White House condemns violence after BBC cameraman 'shoved' at Trump rally

White House condemns violence after BBC cameraman 'shoved' at Trump rally

The White House has condemned violent attacks on the media after a BBC cameraman was allegedly shoved by a Donald Trump supporter at one of the US President’s rallies yesterday.

Cameraman Ron Skeans was said to have been shoved by a man wearing a “Make America Great Again” cap after Trump “whipped up” the crowd in El Paso, Texas, against the media, according to BBC reporters.

Journalists who witnessed the incident claim the supporter also tried to smash Skeans camera after getting past security around the media pen.

A man wearing a red MAGA hat and shouting “fuck the media” was eventually pulled out of the press area by another man wearing a red cap.

A White House statement released yesterday did not make explicit reference to the attack in Texas, but condemned acts of violence more broadly.

It said: “President Trump condemns all acts of violence against any individual or group of people – including members of the press. We ask that anyone attending an event do so in a peaceful and respectful manner.”

BBC North America editor Jon Sopel described the alleged attack on Skeans as a “pretty unsurprising event” in a BBC blog post.

He said: “Once I found out that he was OK, and that the rest of the team were OK, I thought this was a pretty unsurprising event.

“What is shocking is that my reaction should be like that – because surely it can never be right that a person going about doing their job, in a country which cherishes the First Amendment and the rights of a free press, is pushed to the ground.

“But it is an incident that’s been coming for a long time.”

Speaking to Sky News about the attack, UK foreign secretary Jeremy Hunt said it was “never acceptable when journalists and cameramen are attacked just for doing their job”.

He added: “There is a broader issue here, which is last year 80 journalists were killed just doing their job – around half of them specifically targeted or murdered.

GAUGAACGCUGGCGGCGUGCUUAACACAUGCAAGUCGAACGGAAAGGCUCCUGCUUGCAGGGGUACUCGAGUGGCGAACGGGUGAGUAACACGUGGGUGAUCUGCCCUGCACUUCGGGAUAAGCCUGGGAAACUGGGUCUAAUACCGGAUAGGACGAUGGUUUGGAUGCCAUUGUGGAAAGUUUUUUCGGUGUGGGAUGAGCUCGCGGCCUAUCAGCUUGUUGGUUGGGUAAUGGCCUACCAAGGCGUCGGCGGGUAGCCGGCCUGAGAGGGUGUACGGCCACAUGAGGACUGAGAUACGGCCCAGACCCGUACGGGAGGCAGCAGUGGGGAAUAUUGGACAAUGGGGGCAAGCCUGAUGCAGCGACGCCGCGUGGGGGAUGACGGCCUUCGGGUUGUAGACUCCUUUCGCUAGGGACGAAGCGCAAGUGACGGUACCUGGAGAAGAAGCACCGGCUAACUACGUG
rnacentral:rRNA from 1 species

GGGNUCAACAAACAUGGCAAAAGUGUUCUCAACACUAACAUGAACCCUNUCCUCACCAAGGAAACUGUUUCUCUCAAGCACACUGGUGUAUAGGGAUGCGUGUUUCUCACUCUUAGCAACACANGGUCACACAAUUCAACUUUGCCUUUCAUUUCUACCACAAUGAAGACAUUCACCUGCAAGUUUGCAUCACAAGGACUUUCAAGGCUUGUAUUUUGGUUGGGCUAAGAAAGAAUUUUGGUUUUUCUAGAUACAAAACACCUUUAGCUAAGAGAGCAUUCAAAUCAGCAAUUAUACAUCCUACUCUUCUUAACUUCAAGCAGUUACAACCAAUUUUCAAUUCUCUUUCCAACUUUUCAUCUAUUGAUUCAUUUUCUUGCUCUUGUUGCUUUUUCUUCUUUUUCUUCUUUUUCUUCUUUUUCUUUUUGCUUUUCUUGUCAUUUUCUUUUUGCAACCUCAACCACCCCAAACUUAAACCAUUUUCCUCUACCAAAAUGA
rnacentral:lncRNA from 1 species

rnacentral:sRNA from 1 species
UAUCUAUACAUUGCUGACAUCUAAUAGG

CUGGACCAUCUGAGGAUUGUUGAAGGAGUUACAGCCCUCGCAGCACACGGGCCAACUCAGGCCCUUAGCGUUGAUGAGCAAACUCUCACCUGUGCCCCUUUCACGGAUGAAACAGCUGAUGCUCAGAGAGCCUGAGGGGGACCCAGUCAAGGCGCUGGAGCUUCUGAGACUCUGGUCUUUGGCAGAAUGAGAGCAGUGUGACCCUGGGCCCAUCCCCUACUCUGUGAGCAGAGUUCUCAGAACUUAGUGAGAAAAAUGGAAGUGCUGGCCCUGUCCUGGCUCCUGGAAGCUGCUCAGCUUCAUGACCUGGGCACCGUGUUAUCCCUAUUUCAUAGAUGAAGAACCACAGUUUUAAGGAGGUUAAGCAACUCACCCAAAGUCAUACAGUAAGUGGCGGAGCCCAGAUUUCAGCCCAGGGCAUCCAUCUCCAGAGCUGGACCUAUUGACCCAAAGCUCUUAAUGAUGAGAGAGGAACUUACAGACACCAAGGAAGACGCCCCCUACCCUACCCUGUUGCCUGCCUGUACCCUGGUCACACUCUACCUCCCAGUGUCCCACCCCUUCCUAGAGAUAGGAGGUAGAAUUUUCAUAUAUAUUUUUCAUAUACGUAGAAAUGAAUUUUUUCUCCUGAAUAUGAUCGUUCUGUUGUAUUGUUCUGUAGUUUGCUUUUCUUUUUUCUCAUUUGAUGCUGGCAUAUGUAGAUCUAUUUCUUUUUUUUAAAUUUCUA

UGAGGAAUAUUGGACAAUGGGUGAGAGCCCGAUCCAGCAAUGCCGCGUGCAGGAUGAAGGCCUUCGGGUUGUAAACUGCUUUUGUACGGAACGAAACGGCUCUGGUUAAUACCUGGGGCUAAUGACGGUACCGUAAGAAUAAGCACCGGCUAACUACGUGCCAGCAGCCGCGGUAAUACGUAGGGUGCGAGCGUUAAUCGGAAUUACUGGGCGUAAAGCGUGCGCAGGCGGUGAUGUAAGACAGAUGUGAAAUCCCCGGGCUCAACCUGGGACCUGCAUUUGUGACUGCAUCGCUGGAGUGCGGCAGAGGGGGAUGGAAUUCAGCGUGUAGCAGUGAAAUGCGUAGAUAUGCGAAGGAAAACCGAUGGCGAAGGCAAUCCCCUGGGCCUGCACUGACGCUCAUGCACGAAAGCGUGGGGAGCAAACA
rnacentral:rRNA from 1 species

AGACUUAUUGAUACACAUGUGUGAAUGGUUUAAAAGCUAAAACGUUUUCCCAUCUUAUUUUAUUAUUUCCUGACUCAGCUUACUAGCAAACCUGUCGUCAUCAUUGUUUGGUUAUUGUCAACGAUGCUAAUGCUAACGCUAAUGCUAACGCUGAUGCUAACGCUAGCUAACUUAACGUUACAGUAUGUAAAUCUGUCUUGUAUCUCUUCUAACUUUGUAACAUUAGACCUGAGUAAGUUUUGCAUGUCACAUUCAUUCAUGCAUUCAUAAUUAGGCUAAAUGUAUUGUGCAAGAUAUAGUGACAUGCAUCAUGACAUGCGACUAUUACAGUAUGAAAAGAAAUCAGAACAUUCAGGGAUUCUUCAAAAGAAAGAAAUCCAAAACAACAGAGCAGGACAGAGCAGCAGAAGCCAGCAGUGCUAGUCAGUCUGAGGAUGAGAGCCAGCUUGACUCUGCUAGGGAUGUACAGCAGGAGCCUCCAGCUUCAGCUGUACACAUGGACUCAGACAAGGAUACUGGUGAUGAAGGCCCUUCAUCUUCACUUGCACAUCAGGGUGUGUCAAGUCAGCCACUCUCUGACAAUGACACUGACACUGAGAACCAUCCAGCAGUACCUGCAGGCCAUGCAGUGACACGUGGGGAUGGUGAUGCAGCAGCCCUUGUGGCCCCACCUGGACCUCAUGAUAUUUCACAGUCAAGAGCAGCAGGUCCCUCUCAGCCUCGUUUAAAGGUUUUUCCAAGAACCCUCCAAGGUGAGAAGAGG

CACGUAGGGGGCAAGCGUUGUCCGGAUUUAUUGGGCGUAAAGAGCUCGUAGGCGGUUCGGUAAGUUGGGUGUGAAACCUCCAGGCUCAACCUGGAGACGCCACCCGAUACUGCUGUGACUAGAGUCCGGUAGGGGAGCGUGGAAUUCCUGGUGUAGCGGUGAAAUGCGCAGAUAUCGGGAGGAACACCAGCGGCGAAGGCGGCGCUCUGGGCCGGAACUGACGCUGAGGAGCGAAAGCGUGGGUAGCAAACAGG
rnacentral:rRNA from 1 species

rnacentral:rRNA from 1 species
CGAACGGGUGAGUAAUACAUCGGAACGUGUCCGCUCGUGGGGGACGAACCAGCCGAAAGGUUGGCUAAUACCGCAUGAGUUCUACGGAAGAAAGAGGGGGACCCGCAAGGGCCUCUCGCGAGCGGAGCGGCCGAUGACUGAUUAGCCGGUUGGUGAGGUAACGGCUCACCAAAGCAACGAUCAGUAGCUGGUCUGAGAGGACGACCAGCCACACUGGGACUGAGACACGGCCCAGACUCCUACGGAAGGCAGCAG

“We are very worried about this because freedom of the press is the invisible line between open societies and closed societies.”

The White House Correspondents Association, a representative body of the White House press pack, also condemned the attack.

It said: “We are relieved that, this time, no one was seriously hurt. The president of the United States should make absolutely clear to his supporters that violence against reporters is unacceptable.”

Skeans told BBC News that the supporter gave him a “very hard shove” from his blindside. He was not seriously injured however.

Sharing footage of the incident, BBC Washington news editor Eleanor Montague tweeted: “Just attended my first Donald Trump⁩ rally where my colleague BBC cameraman Ron Skeans was attacked by a Trump supporter.

“The crowd had been whipped up into a frenzy against the media by Trump and other speakers all night.”

During the rally, Trump said: “The media refuses to acknowledge how well we’ve done.” He also claimed that “no matter” what his administration did, the media “found a way to make it negative”.

BBC Americas bureaux chief Paul Danahar has written to White House press secretary Sarah Sanders “asking for a full review of security arrangements for the media” following the attack, claiming that law enforcement had failed to intervene.

Picture: AP Photo/Carolyn Kaster



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